Reflector height can come into play in topographic surveys where elevations are determined trigonometrically using instrument and reflector heights. It behaves systematically. The error and compensation are discussed in IV. Elevations Chapter F. Trigonometric Leveling.

b. Natural

(1) Atmospheric conditions
(a) Description

Electro-optical EM signals are affected by atmospheric pressure and temperature. TSIs are generally standardized at a specific temperature and pressure. When measurement conditions deviate from either then a proportional correction must be applied. This is normally done by the TSI after the operator provides it some necessary information (temperature and pressure or the actual correction factor).

(b) Behavior


(c) Compensation

Procedure: The correction or temperature and pressure are entered in the instrument.

Mathematical: Compute and apply the corrections manually after the fact.

Typical equations for the atmospheric correction are:

  eqn b 6 Equation F-5
  PE: Pressure, in Hg
TE: Temperature; ºF
  eqn b 7 Equation F-6

PM: Pressure, mm Hg
TM: Temperature; ºC

Different manufacturers may use slightly different standardization conditions so refer to the user manual for the correction equations for a partucular instrument.

Use Equation F-7 to correct the raw distance.

D = D'x(1+corr'n) Equation F-7

D: Corrected distance
D': Uncorrected distance
corr'n: correction as ppm

(2) Curvature and refraction
(a) Description

The effects of curvature and refraction on the line of sight are described in II. Errors Chapter E. Systematic Errors. The EDM's EM wave is also bent, affecting horizontal and vertical distances both. Figure F-20 shows the curvature and refraction geometry for distance measurement.

Figure F-20
Slope Reduction, Z<90°

Red line, S, is the slope distance coincident with the LoS.

The black line is tangent to S at the instrument.

Zenith angle, Z, is measured to the black tangent.

Blue line, H, is the "horizontal" distance.

Blue line, V, is the vertical distance.

In plane surveying, horizontal distance is always shorter than the corresponding slope distance. This isn't the case in geodetic surveying. When the zenith angle exceeds 90°, slope distance is shorter than horizontal, Figure F-21.

Figure F-21
Slope Reduction, Z Near 90°

This is demonstrated in the Example Computations section.

(b) Behavior


(c) Compensation

Procedure: Modern instruments have the ability to apply refraction and curvature corrections as measurements are made. Data collection software also provide a correction option as does some desktop surveying software. Care must be exercised so that the correction is not applied multiple times. The safest approach is to turn on the correction in the instrument and not in the data collection or desktop software.

Mathematical: Most instrument manuals will describe the algorithms used ti account for curvature and refraction.  Equations F-8 and F-9 are examples from one instrument's manual.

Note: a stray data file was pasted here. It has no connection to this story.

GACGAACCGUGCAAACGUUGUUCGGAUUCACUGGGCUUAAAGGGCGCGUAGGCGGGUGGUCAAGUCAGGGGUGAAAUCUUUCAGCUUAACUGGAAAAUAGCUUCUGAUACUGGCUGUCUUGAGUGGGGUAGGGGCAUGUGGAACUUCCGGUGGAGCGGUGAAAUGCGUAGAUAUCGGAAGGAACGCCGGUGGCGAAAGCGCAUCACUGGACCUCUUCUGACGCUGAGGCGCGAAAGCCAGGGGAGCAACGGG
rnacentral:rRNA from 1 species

eqn b 9

Equation F-8
eqn b 10 Equation F-9
H: Horizontal distance
V: Vertical distance
S: Slope distance
Z: Zenith angle
k: refraction constant; low elev: 0.14, high elev: 0.07
R: Earth radius

If the corrections are not applied in the instrument, they can accounted for later.

(3) Atmospheric anomalies
(a) Description

The atmospheric correction and refraction are based on an assumption that the atmosphere is either uniform or changing uniformly along the signal path. This is not always the case. Consider the atmosphere immediately above an asphalt surface on a sunny day - the heat emitted by the surface causes a local atmospheric anomaly which affects the signal path. Almost any surface will have a boundary layer of atmospheric disturbance if it has been subject to sunlight.

(b) Behavior


(c) Compensation

The effect of atmospheric anomolies can only be minimized or eliminated by not measuring through them. This isn't always practical. For example many Public Land Survey (PLS) corners are located in roads. Not only might the surveyor have to deal with an anomaly at a PLS corner, he may be measuring along the pavement to an adjacent corner half a mile away.

Strategies can include measuring on a cloudy day, late at night, or early morning. Depending on the surface, increasing the TSI and/or reflector height may raise the signal sufficiently above the boundary layer.

a. Personal

(1) Equipment centering
(a) Description

This involves how accurately the operator can center the instrument or tribrach vertically over the ground mark. If using a hand held reflector pole, how carefully the rodperson holds the bubble centered.

(b) Behavior


(c) Compensation

Practice, practice, practice.

(2) Atmospheric conditions determination
(a) Description

Temperature and barometric pressure must be obtained for the time of measurement.

(b) Behavior


(c) Compensation

If conditions cannot be ascertained in the field, the operator should record the existing settings in the instrument. Conditions at measurement time can be determined from the internet or local radio/TV station later. The measurements can then be "uncorrected" for the recorded field conditions and "re-corrected" using the appropriate data.